Increasing quality risks in the PCB supply chain – and how we work to mitigate them

In the current business climate, with some lingering effects of the pandemic and a global economy impacted by high inflation and increasing interest rates, PCB factories have come under pressure. It is during times like these when corners are at risk of being cut, and we have seen more and more signs of this happening with materials being changed or process controls being relaxed in order to ensure shorter delivery times or to save costs.

NCAB Factory Team members during an audit in a PCB factory.
Finding and developing the best factories requires a broad range of expertise. Our sourcing process tells how we approve our factories.

To minimize risks within all areas of PCB production – not only regarding the material or processes used – the importance of using the right factories cannot be emphasized enough. To source the right factory is a comprehensive process.

When things go wrong

Despite all proactive processes and actions in place to quality assure and prevent risks – things may go wrong and the sooner we identify the problem and its severity, the quicker we can act and put measures into place.

As we considered the changing market conditions with factories being potentially overstocked, following declining capacity demand and facing shelf life issues – we saw a risk that substitutions for equivalent materials might be made by the factories as they try to consume the stock to not risk expiry dates. We therefore started to investigate with factories.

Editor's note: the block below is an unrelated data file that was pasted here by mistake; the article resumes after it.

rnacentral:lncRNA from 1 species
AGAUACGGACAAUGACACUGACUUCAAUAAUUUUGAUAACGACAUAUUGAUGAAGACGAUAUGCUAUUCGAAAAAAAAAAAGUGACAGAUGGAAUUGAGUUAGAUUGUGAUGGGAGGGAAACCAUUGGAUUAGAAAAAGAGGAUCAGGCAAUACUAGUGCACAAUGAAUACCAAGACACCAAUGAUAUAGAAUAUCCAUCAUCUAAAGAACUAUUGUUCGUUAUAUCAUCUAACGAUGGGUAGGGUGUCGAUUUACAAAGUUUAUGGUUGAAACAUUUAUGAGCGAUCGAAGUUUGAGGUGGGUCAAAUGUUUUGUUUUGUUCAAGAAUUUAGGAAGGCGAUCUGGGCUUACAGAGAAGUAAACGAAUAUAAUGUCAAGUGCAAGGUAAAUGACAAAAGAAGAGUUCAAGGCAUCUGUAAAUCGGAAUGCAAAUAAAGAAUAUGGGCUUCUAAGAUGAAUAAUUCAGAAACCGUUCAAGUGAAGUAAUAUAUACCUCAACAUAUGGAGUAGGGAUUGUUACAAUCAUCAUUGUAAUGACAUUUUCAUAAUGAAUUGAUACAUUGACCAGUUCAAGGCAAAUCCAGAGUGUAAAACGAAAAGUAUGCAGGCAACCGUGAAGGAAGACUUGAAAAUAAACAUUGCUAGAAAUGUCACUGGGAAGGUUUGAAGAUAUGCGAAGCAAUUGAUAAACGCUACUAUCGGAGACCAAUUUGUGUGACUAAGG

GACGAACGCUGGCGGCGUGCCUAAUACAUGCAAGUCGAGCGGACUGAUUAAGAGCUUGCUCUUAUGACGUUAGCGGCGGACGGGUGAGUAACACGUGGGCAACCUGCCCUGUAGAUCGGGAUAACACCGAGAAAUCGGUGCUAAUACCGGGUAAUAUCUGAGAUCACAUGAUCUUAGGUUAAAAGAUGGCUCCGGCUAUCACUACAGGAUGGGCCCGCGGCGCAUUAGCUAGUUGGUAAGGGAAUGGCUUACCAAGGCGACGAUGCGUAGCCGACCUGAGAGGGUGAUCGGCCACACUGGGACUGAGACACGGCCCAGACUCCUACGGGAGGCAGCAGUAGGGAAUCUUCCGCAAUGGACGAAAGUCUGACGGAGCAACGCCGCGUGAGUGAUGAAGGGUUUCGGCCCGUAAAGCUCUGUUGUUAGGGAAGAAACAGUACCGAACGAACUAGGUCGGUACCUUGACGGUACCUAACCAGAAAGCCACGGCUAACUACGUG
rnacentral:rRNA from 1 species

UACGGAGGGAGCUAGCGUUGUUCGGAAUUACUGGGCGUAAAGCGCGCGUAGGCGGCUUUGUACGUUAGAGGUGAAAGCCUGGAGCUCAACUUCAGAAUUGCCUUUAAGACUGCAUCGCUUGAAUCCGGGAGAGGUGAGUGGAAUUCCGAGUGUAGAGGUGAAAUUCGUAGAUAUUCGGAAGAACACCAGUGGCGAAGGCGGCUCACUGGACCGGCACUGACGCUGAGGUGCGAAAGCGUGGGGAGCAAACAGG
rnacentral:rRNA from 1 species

The investigation yielded results

During this heightened period of investigation, it was noticed there were two different colors of base material when comparing a recently received product to an older version. Were the materials used the same that we / our customer specified?

With our 100+ strong factory management team, we promptly conducted on-site investigations across all our main factories in China and Taiwan. Not only did we check that the approved brands of materials were being purchased along with the factories’ ERP data, but we also carried out intensive paper trail audits. These audits involved verifying the materials that we had called for, checking against the materials that had been released into production, and checking that data against laminate manufacturers job numbers from material receipt to material cutting and issue. The purpose of these audits was to ensure that the materials ordered matched what was used in production.

In cases of some of the less standard materials (either by brand or performance characteristics), we were quickly able to correlate what materials had been purchased in square meter volumes and compared that data with what the factory claimed they were shipping.

PCB material in shelves in factory
Storage of material in one of the PCB factories we work with.

The result of this intensive activity was that we found instances, within one factory, where materials have been substituted, without approval, to equivalents and the materials that were defined in our inspection reports and certificates of conformity were incorrect – they listed the ‘original’ material requested when equivalent had been used.